It would be impossible to calculate by hand more than a few thousand solutions of the Riemann equation.
On another point, working with networks of computers expands the possibilities enormously. Today, this is called cloud computing.  The monstrous supercomputer of science fiction stories is not practical, it is being replaced by networks of small computers. Problems can be distributed and you can now study the logical part of the math. A new computer language is being developed that can be used to check consistent logic within a series of words. Some checking of proofs can also be done by computer, although it doesn’t work yet to the point of finding proofs. This was tested in an extremely important mathematical paper over 300 pages long to prove a basic theorem needed to understand symmetries. Checking the correctness of the proof was almost beyond what a single person could do. That paper was checked by computers and found it to be correct from beginning to end, only on a technical point an auxiliary result was used before it was proved, a fault in the logical presentation of the paper but not in its internal logic. This was a great
accomplishment because it was an extremely difficult paper that has been used again and again as a cornerstone of subsequent works.
Certain areas of mathematics don’t use the computer. Computers work in a discrete fashion and don’t work directly on continuum models of fluid mechanics, for example. Applied mathematics allows you to see if models are elegant, but computers help to see if the model you are using is realistic or not. They can help you to adapt your model to reality.

What are your thoughts about Quantum computing?
Quantum logic is a different system and information is transmitted in a very different way. For example, the act of reading information may destroy it. The theory is very complex. The quantum world is different than our normal world and our perception of the physical world does not fit easily in it. In quantum computing when you can do something you can do everything very fast, but there are things that do not fit in the quantum world.  This has a great impact in complexity theory, that is the study of how efficient a computer is.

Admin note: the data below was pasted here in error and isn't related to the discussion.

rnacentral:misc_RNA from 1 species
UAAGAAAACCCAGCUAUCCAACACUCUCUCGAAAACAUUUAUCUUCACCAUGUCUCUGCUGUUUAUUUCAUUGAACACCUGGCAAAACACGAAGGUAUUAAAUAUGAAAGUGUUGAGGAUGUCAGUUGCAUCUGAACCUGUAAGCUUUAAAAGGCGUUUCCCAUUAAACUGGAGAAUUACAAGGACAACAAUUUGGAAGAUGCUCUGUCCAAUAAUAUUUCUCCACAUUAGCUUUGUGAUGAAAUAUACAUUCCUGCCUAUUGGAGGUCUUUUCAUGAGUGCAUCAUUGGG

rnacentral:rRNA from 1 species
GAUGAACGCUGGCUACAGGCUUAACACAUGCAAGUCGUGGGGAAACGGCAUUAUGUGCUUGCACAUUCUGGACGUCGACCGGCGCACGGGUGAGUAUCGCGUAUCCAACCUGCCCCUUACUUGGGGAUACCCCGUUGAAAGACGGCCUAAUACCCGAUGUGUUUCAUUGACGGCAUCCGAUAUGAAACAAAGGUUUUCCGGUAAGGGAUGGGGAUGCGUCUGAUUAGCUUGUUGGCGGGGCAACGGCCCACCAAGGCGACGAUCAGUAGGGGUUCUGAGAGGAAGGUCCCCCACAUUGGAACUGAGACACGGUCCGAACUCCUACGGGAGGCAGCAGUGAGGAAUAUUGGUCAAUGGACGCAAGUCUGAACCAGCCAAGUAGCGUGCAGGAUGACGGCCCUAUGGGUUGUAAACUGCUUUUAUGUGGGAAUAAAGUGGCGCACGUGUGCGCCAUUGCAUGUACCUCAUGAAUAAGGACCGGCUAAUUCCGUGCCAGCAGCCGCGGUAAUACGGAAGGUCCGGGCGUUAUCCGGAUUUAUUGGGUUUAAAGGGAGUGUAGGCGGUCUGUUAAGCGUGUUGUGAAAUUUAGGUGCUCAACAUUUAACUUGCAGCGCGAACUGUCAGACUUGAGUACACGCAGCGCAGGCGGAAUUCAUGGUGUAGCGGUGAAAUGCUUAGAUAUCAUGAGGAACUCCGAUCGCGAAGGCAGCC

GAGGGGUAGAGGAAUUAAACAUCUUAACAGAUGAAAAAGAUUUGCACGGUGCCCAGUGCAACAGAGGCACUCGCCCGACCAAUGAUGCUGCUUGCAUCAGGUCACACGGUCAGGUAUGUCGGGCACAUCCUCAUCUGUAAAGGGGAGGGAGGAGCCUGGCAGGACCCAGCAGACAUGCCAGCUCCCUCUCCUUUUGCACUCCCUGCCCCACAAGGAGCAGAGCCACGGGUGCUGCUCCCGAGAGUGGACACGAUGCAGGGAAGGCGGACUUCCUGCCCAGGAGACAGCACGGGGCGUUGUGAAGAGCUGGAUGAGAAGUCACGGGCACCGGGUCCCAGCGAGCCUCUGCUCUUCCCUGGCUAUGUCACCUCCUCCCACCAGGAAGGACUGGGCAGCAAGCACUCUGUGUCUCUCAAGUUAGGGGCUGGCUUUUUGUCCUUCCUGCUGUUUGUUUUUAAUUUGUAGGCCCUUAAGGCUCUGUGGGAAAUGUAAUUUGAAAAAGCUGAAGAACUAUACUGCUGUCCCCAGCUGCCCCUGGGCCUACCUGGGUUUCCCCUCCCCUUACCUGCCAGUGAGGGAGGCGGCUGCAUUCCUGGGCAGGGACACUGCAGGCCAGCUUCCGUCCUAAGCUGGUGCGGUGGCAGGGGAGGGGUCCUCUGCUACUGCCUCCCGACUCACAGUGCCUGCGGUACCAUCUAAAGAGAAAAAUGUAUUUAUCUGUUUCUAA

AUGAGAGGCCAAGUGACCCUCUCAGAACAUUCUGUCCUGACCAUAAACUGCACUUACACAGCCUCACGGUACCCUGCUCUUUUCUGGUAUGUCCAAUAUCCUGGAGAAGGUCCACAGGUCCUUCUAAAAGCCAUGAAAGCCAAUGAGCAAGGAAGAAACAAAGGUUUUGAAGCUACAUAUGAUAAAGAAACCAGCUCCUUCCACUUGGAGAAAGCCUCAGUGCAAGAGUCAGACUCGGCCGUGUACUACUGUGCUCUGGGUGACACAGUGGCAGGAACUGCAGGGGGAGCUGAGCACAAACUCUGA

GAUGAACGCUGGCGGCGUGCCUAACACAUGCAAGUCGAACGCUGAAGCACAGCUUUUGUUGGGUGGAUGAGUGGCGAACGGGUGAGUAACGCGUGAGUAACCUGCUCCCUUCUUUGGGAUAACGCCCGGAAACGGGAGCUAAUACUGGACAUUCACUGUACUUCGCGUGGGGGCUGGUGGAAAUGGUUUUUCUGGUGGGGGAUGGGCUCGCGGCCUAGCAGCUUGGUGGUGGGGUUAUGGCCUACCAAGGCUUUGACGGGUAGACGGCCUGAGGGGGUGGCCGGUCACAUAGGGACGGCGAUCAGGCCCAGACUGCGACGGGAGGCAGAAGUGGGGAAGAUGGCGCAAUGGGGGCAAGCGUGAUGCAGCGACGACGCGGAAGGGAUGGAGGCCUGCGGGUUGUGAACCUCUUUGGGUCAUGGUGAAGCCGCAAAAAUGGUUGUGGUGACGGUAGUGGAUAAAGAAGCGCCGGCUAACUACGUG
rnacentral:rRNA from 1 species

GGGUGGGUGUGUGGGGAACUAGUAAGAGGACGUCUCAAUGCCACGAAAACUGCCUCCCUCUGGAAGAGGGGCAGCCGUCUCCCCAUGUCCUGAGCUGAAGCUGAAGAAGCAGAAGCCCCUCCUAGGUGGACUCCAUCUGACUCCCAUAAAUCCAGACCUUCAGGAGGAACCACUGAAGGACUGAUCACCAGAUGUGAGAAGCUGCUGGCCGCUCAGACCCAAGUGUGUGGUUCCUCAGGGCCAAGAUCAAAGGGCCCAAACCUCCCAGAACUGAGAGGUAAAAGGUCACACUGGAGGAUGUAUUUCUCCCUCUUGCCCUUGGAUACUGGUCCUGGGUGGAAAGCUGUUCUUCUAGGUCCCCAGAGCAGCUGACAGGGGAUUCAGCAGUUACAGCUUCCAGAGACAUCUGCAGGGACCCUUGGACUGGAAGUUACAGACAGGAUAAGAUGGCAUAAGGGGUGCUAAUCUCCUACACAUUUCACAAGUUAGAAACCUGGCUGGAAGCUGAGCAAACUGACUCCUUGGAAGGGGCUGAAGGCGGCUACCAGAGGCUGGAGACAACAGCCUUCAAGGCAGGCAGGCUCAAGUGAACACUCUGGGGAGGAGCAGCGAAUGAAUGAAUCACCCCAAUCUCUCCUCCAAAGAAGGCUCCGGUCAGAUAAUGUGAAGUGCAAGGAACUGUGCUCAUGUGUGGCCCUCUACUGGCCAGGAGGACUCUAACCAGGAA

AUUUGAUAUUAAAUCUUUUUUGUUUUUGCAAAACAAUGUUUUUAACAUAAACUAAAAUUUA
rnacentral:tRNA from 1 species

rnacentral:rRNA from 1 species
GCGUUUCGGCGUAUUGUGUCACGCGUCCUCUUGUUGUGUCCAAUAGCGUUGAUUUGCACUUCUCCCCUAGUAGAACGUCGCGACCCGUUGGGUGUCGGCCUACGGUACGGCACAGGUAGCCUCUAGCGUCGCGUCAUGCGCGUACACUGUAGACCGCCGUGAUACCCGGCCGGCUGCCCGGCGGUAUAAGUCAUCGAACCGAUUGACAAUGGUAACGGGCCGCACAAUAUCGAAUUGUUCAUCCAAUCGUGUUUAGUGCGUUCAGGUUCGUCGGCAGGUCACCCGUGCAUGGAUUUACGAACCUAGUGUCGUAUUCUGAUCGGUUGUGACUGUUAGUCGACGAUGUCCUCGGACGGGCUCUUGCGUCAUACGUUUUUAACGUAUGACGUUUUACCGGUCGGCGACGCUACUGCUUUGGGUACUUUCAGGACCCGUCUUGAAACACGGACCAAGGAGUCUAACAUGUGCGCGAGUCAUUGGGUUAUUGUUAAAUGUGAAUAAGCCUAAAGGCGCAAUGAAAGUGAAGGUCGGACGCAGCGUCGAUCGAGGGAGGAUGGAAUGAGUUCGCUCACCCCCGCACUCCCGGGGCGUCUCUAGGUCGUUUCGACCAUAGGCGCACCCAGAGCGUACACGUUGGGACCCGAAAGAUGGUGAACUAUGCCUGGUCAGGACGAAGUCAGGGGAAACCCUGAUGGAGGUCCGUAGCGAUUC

The logic of the quantum world is different. No one really knows how to make predictions in quantum theory or string theory.
Super-specialized mathematicians working in only one direction are disappearing and what we are seeing is a mathematics that requires at the same time a lot of different fields and techniques. This has been taking place over the last 20 years. The world is changing because of instant communications. This means more information is available in real time.
One person alone cannot do all that is required but research in certain fields can now be done by groups of persons working independently at the same but sharing all the findings in real time. This has been put in practice with the Polymath project of two recent Fields medalists, with good results. I cannot predict what will happen next, because mathematicians also need to consider innovative ideas that require long deep thinking in order to ask the right questions, but in our “publish or perish world” that can be a problem. For example there is a vision of a new theory called Langlands program that has taken 30 years to explore. You have to love the subject to be a mathematician of Langlands’s caliber and of course you need a lot of patience. Success will not come instantly.

During your lecture at Carnegie in 2008, you mentioned that mathematics is in someway Darwinian, in that there are theories that survive and others that do not. Is it possible today to understand which models will survive and which will not?
There are two types of mathematics: the mathematics that you can prove in a logical system and mathematics that you try to project as a meaning.  You view the meaning not just as a collective of single statements but also by understanding the relations between them. A good example is the theory of Lie groups, continuous symmetries used in physics to describe the world of particles. You can study that as a theory by itself but when you look at the applications you discover that they are very important in physics as well as in number theory, analysis, and probability theory.
The role of the mathematician is to discover what is interesting and the reasons that would be apparent in the same problems. Some problems are no longer interesting to me today but in the future they may be the beginning of something important. You don’t want to be too categorical.